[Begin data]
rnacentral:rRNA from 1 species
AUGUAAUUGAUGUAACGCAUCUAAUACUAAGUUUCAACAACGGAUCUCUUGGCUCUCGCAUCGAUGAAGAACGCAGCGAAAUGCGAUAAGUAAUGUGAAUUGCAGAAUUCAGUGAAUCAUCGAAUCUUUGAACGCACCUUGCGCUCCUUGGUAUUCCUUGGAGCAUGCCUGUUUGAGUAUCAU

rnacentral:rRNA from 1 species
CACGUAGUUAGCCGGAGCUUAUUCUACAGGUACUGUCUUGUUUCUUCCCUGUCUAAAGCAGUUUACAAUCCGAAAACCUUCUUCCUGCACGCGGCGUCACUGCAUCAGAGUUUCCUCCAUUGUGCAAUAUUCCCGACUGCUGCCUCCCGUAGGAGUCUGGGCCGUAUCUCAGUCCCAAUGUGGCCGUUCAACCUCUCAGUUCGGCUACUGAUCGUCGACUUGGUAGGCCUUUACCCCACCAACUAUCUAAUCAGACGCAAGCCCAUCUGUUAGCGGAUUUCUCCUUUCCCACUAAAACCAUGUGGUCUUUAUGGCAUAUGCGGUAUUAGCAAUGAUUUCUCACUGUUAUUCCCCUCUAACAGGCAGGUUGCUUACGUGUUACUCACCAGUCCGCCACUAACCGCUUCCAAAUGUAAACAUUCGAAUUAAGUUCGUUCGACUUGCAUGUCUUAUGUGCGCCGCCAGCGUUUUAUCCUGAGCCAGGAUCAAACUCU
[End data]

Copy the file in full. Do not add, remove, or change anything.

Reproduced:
rnacentral:rRNA from 1 species
AUGUAAUUGAUGUAACGCAUCUAAUACUAAGUUUCAACAACGGAUCUCUUGGCUCUCGCAUCGAUGAAGAACGCAGCGAAAUGCGAUAAGUAAUGUGAAUUGCAGAAUUCAGUGAAUCAUCGAAUCUUUGAACGCACCUUGCGCUCCUUGGUAUUCCUUGGAGCAUGCCUGUUUGAGUAUCAU

rnacentral:rRNA from 1 species
CACGUAGUUAGCCGGAGCUUAUUCUACAGGUACUGUCUUGUUUCUUCCCUGUCUAAAGCAGUUUACAAUCCGAAAACCUUCUUCCUGCACGCGGCGUCACUGCAUCAGAGUUUCCUCCAUUGUGCAAUAUUCCCGACUGCUGCCUCCCGUAGGAGUCUGGGCCGUAUCUCAGUCCCAAUGUGGCCGUUCAACCUCUCAGUUCGGCUACUGAUCGUCGACUUGGUAGGCCUUUACCCCACCAACUAUCUAAUCAGACGCAAGCCCAUCUGUUAGCGGAUUUCUCCUUUCCCACUAAAACCAUGUGGUCUUUAUGGCAUAUGCGGUAUUAGCAAUGAUUUCUCACUGUUAUUCCCCUCUAACAGGCAGGUUGCUUACGUGUUACUCACCAGUCCGCCACUAACCGCUUCCAAAUGUAAACAUUCGAAUUAAGUUCGUUCGACUUGCAUGUCUUAUGUGCGCCGCCAGCGUUUUAUCCUGAGCCAGGAUCAAACUCU